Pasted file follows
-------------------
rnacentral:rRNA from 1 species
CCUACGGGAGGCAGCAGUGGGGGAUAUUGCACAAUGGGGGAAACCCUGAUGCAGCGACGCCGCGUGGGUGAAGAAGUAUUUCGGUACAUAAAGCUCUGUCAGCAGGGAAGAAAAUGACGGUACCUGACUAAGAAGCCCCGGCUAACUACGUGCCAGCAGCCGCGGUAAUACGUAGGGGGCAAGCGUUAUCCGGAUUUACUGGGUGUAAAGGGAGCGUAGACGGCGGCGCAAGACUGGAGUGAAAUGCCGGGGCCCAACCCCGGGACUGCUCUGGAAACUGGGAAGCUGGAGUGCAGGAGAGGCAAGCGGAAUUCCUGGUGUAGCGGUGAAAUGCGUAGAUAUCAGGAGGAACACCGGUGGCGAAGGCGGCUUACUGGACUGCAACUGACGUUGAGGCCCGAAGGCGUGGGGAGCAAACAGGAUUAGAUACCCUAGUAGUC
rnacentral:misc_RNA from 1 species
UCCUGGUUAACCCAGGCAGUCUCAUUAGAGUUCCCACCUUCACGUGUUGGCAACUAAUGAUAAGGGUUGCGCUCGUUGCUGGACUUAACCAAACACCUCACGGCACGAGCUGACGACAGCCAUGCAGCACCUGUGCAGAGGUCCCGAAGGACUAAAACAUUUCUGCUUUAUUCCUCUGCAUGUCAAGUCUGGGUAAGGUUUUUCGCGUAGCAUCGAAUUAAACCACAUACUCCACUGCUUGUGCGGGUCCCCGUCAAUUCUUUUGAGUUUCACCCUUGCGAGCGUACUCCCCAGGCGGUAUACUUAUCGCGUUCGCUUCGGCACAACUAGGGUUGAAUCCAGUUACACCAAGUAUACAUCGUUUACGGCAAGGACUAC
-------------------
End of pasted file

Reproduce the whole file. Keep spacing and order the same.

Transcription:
rnacentral:rRNA from 1 species
CCUACGGGAGGCAGCAGUGGGGGAUAUUGCACAAUGGGGGAAACCCUGAUGCAGCGACGCCGCGUGGGUGAAGAAGUAUUUCGGUACAUAAAGCUCUGUCAGCAGGGAAGAAAAUGACGGUACCUGACUAAGAAGCCCCGGCUAACUACGUGCCAGCAGCCGCGGUAAUACGUAGGGGGCAAGCGUUAUCCGGAUUUACUGGGUGUAAAGGGAGCGUAGACGGCGGCGCAAGACUGGAGUGAAAUGCCGGGGCCCAACCCCGGGACUGCUCUGGAAACUGGGAAGCUGGAGUGCAGGAGAGGCAAGCGGAAUUCCUGGUGUAGCGGUGAAAUGCGUAGAUAUCAGGAGGAACACCGGUGGCGAAGGCGGCUUACUGGACUGCAACUGACGUUGAGGCCCGAAGGCGUGGGGAGCAAACAGGAUUAGAUACCCUAGUAGUC
rnacentral:misc_RNA from 1 species
UCCUGGUUAACCCAGGCAGUCUCAUUAGAGUUCCCACCUUCACGUGUUGGCAACUAAUGAUAAGGGUUGCGCUCGUUGCUGGACUUAACCAAACACCUCACGGCACGAGCUGACGACAGCCAUGCAGCACCUGUGCAGAGGUCCCGAAGGACUAAAACAUUUCUGCUUUAUUCCUCUGCAUGUCAAGUCUGGGUAAGGUUUUUCGCGUAGCAUCGAAUUAAACCACAUACUCCACUGCUUGUGCGGGUCCCCGUCAAUUCUUUUGAGUUUCACCCUUGCGAGCGUACUCCCCAGGCGGUAUACUUAUCGCGUUCGCUUCGGCACAACUAGGGUUGAAUCCAGUUACACCAAGUAUACAUCGUUUACGGCAAGGACUAC